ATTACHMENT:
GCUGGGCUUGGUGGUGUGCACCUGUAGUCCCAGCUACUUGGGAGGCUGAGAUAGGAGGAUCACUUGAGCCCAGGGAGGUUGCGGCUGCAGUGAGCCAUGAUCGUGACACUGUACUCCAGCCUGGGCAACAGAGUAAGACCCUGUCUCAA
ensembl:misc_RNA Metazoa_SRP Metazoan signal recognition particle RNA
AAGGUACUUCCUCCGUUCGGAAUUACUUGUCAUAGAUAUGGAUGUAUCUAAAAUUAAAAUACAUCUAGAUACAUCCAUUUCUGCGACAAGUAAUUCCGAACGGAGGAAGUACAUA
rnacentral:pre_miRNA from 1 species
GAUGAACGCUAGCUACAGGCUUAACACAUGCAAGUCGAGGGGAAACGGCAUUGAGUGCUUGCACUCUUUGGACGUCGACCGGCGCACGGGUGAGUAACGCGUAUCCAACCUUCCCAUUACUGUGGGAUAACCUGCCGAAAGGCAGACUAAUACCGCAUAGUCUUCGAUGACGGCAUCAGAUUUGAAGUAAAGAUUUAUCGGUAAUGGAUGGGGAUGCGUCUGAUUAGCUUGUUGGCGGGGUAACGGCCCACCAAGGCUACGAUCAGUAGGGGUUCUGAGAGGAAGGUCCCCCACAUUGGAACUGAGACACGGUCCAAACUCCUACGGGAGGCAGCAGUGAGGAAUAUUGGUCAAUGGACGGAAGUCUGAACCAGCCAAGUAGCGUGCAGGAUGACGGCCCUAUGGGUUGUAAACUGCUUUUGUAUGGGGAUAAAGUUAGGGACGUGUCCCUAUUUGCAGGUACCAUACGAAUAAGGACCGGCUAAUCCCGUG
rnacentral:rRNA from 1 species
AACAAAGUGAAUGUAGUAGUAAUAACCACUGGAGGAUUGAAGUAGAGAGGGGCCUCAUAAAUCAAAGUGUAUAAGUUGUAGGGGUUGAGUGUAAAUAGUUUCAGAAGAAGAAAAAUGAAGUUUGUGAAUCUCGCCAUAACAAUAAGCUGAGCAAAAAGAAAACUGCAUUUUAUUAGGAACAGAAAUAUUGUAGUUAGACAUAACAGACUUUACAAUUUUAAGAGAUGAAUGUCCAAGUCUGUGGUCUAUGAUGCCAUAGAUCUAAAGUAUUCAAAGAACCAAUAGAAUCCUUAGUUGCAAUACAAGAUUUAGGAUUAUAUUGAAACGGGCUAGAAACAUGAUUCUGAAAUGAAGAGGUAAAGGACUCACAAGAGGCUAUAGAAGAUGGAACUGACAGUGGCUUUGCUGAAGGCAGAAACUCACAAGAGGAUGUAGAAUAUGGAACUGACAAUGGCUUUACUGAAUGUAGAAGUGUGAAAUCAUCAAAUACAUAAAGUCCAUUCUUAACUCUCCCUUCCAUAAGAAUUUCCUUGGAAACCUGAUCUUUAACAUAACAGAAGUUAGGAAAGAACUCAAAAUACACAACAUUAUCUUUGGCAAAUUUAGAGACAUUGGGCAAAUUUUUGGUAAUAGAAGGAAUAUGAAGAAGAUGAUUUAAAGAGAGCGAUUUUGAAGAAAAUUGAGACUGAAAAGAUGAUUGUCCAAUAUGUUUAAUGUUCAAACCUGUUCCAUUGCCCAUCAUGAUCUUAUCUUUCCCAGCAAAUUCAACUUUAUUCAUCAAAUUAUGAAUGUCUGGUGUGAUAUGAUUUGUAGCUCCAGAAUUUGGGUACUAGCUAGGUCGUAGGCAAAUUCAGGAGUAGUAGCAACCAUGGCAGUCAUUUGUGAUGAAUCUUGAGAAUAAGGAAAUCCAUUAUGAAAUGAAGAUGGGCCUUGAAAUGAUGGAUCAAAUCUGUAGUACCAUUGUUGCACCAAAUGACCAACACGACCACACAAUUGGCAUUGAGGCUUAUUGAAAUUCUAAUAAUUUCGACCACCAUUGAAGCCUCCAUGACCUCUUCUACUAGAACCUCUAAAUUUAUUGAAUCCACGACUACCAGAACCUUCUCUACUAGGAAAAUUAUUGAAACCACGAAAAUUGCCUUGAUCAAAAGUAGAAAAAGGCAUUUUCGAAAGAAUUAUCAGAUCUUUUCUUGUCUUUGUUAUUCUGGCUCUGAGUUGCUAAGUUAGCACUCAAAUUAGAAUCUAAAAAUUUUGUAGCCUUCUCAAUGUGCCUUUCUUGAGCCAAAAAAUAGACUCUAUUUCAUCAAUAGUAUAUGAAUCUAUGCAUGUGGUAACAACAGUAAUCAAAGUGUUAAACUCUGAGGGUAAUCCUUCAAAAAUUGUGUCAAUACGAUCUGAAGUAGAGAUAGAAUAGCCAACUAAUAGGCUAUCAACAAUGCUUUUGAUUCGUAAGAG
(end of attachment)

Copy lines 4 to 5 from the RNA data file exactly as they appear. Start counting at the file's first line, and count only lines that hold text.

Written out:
rnacentral:pre_miRNA from 1 species
GAUGAACGCUAGCUACAGGCUUAACACAUGCAAGUCGAGGGGAAACGGCAUUGAGUGCUUGCACUCUUUGGACGUCGACCGGCGCACGGGUGAGUAACGCGUAUCCAACCUUCCCAUUACUGUGGGAUAACCUGCCGAAAGGCAGACUAAUACCGCAUAGUCUUCGAUGACGGCAUCAGAUUUGAAGUAAAGAUUUAUCGGUAAUGGAUGGGGAUGCGUCUGAUUAGCUUGUUGGCGGGGUAACGGCCCACCAAGGCUACGAUCAGUAGGGGUUCUGAGAGGAAGGUCCCCCACAUUGGAACUGAGACACGGUCCAAACUCCUACGGGAGGCAGCAGUGAGGAAUAUUGGUCAAUGGACGGAAGUCUGAACCAGCCAAGUAGCGUGCAGGAUGACGGCCCUAUGGGUUGUAAACUGCUUUUGUAUGGGGAUAAAGUUAGGGACGUGUCCCUAUUUGCAGGUACCAUACGAAUAAGGACCGGCUAAUCCCGUG